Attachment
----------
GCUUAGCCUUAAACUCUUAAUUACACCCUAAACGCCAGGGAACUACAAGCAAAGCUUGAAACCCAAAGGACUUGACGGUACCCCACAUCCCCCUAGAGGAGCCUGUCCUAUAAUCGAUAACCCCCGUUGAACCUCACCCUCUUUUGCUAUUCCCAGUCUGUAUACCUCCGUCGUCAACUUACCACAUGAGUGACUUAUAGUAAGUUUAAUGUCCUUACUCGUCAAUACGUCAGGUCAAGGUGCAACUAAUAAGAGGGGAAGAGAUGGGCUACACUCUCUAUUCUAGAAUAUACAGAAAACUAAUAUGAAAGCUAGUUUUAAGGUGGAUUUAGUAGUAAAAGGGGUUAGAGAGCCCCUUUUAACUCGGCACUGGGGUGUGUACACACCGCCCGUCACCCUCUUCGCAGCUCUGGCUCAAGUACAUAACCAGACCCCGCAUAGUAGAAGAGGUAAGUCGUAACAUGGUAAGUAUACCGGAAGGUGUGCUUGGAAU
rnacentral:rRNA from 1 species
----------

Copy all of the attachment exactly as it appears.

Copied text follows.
GCUUAGCCUUAAACUCUUAAUUACACCCUAAACGCCAGGGAACUACAAGCAAAGCUUGAAACCCAAAGGACUUGACGGUACCCCACAUCCCCCUAGAGGAGCCUGUCCUAUAAUCGAUAACCCCCGUUGAACCUCACCCUCUUUUGCUAUUCCCAGUCUGUAUACCUCCGUCGUCAACUUACCACAUGAGUGACUUAUAGUAAGUUUAAUGUCCUUACUCGUCAAUACGUCAGGUCAAGGUGCAACUAAUAAGAGGGGAAGAGAUGGGCUACACUCUCUAUUCUAGAAUAUACAGAAAACUAAUAUGAAAGCUAGUUUUAAGGUGGAUUUAGUAGUAAAAGGGGUUAGAGAGCCCCUUUUAACUCGGCACUGGGGUGUGUACACACCGCCCGUCACCCUCUUCGCAGCUCUGGCUCAAGUACAUAACCAGACCCCGCAUAGUAGAAGAGGUAAGUCGUAACAUGGUAAGUAUACCGGAAGGUGUGCUUGGAAU
rnacentral:rRNA from 1 species